I could point out that Donald Trump’s asinine statements about Muslims and a radicalizing second generation are exactly the kind of ignorant bigotry that spurs these sorts of hate crimes to begin with.
I won’t though, because we all know that this has already been done and will continue to be done until this devastating event’s emotional significance is reduced to meaningless babble on repeat.
However, what has yet to come is the inevitable discussion about the mental state of Omar Mateen and the role that might have played in the shooting. Already, there is foreshadowing of this discussion as journalists report those around him describing him as “bipolar” or “erratic.”
I’m nipping it in the bud. We cannot go down that path. It’s distracting and unproductive because mass shootings are not just about mental health. Of course, mental health plays a role, but guess what plays an even larger role? GUNS.
Liberal and conservative politicians alike focus on mental health as a strategy to avoid discussing the true heart of the gun control debate.
I’m the main doctor at a primary care clinic based out of an organization that provides psychiatric care and case management for patients with severe mental illness. It’s a population that is very close to my heart. I’ve had patients tell me that they would shoot me given the right circumstances. I understand both the critical shortage of resources for mental health as well as the increased risk that patients that suffer from mental illness have to behave violently.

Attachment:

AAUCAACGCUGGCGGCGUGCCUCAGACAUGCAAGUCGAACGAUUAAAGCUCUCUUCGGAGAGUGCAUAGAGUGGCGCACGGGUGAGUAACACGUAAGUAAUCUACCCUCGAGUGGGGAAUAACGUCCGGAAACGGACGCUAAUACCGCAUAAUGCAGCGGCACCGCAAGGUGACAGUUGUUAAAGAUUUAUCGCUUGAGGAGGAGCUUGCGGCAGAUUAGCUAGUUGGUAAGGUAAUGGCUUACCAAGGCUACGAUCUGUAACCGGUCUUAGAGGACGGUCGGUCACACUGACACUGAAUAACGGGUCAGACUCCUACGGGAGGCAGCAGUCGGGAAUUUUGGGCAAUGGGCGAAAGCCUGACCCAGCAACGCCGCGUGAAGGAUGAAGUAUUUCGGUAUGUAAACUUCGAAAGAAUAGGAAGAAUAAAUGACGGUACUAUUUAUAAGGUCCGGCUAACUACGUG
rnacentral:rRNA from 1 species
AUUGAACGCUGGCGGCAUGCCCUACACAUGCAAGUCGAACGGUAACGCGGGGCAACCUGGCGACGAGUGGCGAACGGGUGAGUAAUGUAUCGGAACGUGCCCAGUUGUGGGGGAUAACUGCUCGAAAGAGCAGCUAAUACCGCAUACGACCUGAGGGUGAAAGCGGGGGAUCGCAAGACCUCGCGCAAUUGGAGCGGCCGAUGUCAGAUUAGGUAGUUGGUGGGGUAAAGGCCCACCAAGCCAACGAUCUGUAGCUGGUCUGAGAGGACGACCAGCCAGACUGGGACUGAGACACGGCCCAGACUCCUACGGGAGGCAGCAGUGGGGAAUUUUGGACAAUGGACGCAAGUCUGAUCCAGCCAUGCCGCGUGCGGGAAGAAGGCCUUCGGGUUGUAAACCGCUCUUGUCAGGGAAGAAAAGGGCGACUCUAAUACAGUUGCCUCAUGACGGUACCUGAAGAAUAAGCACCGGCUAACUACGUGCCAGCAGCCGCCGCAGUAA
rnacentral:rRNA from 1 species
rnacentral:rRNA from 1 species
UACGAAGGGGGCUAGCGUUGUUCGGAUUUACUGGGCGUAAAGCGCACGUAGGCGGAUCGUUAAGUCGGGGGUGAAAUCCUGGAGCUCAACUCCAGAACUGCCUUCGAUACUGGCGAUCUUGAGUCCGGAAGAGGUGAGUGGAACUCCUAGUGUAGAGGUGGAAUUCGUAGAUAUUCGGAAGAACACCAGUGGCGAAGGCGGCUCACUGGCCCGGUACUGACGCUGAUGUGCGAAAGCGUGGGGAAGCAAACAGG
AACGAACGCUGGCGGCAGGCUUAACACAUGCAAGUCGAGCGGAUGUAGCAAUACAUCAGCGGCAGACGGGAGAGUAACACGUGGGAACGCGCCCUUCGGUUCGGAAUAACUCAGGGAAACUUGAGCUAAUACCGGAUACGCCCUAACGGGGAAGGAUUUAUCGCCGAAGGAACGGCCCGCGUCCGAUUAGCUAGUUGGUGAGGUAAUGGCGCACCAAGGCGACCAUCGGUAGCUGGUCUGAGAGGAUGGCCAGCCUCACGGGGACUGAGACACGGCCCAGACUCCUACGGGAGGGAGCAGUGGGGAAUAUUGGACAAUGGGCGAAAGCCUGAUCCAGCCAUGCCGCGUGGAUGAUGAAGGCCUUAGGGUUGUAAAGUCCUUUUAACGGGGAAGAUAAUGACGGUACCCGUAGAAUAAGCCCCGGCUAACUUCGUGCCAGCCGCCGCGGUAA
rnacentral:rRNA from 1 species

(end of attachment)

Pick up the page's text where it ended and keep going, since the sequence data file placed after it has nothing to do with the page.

At the same time, as a family physician I have treated an uncountable number of victims of gun violence. The vast, vast, vast majority of these patients were shot by people who either do not carry a psychiatric diagnosis or whose most serious psychiatric diagnosis is depression.
Addressing gun violence solely through the lens of mental health will never solve the problem. While I’ll be the first to tell you that the woefully underfunded state of mental healthcare is devastating to society on every level, I also believe that it is only a small part of the gun violence issue.